The Most Underrated Beaches You Have To Visit!
There’s no better way to spend a sunny day than at a beach with your toes in the sand and sea breezes washing over you. Even better if you have the sun, sea, and sand all to yourself. If you’re looking to escape the crowds, there are plenty of secret beaches in the United States that are secluded, serene, and spectacularly scenic. These are some of the most underrated beaches in the US that you absolutely must put on your travel bucket list.
Assateague Island, Maryland & Virginia
Assateague Island is just a three-hour drive from major cities like Philadelphia and Washington, D.C., but it seems like a whole other world. This rugged, windswept island sits off the coasts of Maryland and Virginia and is fringed by golden sand beaches and dunes. Wild ponies run free along the sand and birds flit among the marshes and rivers. You can spend the day swimming, suntanning, kayaking, or searching for crabs and clams.
Sombrero Beach, Florida
It’s no secret that the Florida Keys have amazing beaches that attract people from all over the world, but only locals and a few well-informed tourists know about laid-back and lovely Sombrero Beach. Located on Marathon Key, between Key Largo and Key West, Sombrero Beach features soft white sand and dazzling aquamarine water. If you’re lucky, you may catch glimpses of turtles swimming in the sea.
Indian Beach, Oregon
Oregonians in the know skip the crowds at Cannon Beach and head to Indian Beach where there are always open spots on the sand and the waves are perfect for surfing. The beach is part of Ecola State Park, which is just one hour west of Portland. It costs $5 for a day pass, but it’s well worth the money for the sheer beauty of the area. If you’re not here to surf, you can chill out on the beach, explore the tide pools, or hike the Clatsop Loop for amazing vistas over the ocean.
Cowell Ranch Beach, California
While the famous Half Moon Bay Beach in California gets packed on weekends and during the summer months, Cowell Ranch Beach is just down the road and blissfully free of the masses. On any given day it could be just you and a few harbour seals on the sand. To get here, head south on Highway 1 and keep your eye out for the small sign and parking lot. A trail will lead you to a wooden staircase that descends to a golden crescent of sand backed by bluffs. This west-facing beach is a gorgeous sunset spot.
Boneyard Beach, South Carolina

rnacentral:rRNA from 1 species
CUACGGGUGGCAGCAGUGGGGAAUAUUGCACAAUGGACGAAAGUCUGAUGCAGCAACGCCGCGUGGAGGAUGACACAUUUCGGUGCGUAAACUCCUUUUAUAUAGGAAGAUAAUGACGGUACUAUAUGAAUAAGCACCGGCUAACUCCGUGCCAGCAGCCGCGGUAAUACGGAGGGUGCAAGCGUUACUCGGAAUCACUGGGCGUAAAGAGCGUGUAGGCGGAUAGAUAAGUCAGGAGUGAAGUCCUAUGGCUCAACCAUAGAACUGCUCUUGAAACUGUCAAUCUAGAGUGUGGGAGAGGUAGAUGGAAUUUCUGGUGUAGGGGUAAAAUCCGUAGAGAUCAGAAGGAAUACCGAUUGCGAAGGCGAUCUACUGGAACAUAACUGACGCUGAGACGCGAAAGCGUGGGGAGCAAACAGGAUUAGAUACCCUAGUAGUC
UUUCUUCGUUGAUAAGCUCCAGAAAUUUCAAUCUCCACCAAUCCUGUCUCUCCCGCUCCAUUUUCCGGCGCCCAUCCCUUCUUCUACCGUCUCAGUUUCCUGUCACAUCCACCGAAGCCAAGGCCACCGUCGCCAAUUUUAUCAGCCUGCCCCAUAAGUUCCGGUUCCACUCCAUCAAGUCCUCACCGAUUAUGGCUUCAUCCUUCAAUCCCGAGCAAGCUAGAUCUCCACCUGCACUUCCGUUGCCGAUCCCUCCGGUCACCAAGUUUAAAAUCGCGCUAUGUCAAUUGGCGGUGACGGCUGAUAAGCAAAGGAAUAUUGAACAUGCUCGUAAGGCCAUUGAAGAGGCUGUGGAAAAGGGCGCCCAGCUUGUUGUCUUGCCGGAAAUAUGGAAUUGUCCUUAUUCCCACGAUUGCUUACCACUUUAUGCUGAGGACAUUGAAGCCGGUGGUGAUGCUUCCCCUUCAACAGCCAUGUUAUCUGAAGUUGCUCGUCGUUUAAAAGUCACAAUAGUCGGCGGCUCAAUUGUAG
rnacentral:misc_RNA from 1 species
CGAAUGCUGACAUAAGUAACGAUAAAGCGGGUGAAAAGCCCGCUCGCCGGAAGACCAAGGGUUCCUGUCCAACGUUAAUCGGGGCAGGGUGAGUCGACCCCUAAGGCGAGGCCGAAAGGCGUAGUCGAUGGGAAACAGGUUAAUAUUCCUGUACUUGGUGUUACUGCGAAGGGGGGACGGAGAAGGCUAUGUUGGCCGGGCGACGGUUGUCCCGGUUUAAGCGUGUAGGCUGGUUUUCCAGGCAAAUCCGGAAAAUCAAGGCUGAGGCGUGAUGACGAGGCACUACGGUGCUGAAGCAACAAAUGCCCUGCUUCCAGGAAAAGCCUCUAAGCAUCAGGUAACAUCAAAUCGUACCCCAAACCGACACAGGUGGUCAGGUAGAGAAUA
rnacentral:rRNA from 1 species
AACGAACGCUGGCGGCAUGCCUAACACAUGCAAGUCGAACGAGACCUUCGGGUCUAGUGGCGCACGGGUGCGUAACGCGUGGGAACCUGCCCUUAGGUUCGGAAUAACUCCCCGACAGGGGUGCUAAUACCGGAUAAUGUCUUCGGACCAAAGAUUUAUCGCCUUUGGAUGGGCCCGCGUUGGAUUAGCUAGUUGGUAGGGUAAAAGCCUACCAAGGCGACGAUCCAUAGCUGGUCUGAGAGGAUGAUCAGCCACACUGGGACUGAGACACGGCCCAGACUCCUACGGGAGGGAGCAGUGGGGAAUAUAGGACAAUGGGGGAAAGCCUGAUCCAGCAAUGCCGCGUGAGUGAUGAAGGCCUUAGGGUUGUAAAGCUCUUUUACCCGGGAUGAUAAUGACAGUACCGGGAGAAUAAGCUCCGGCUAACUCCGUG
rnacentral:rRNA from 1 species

The name may sound like something out of a horror story, but Boneyard Beach is actually incredibly beautiful. Located on Bull Island, the beach can only be reached by ferry or a boat, which means there are rarely hordes of tourists there. This seven-mile stretch of sand gets its name from the sun-bleached driftwood and seashells scattered across the shore. After you do some beachcombing, there are 16 miles of trails to explore. Keep an eye out for gators on the Alligator Alley trail.
Bound Brook Island Beach, Massachusetts
Cape Cod is renowned for its beaches, but thankfully there are still a few that are off the tourist radar. If secluded sand is more your style, make your way to Bound Brook Island Beach in Wellfleet. Follow a pleasant path for about a mile and you’ll reach the beach with its rolling sand dunes covered in beach grass and shimmering sea as far as you can see. Along the coast you’ll have views all the way down to Provincetown.
Makalawena Beach, Hawaii
Hawaii is the stuff that beach dreams are made of, especially if you’re willing to venture off the beaten path. If you happen to be on the Big Island, Makalawena Beach on the North Kona coast is worth a visit. You’ll have to trek about 20 minutes over volcanic stones to get there, but the reward at the end of the trail is the absolutely stunning, nearly deserted beach. Think sugary white sand and turquoise waters that are often teeming with green sea turtles.
Cumberland Island, Georgia
Cumberland Island is the biggest barrier island in Georgia and a haven for beach lovers. There are over 17 miles of pristine white sand beaches to explore, as well as maritime forests and marshes that are home to fascinating wildlife like wild horses, armadillos, and alligators. The island can only be accessed by a ferry that leaves from St. Mary’s and visitors are limited, so you can be sure the beaches will be free of crowds.
Here’s A Bonus!
If you’re planning on taking a road trip to one or more of these secret beaches, the National Motor Club of America can help. Membership benefits include 24-hour emergency roadside assistance, plus travel bonuses like great deals on car rentals, hotels, and more. NMC will give you peace of mind for a safe journey and the opportunity to see hidden coastlines of America like you’ve never seen them before.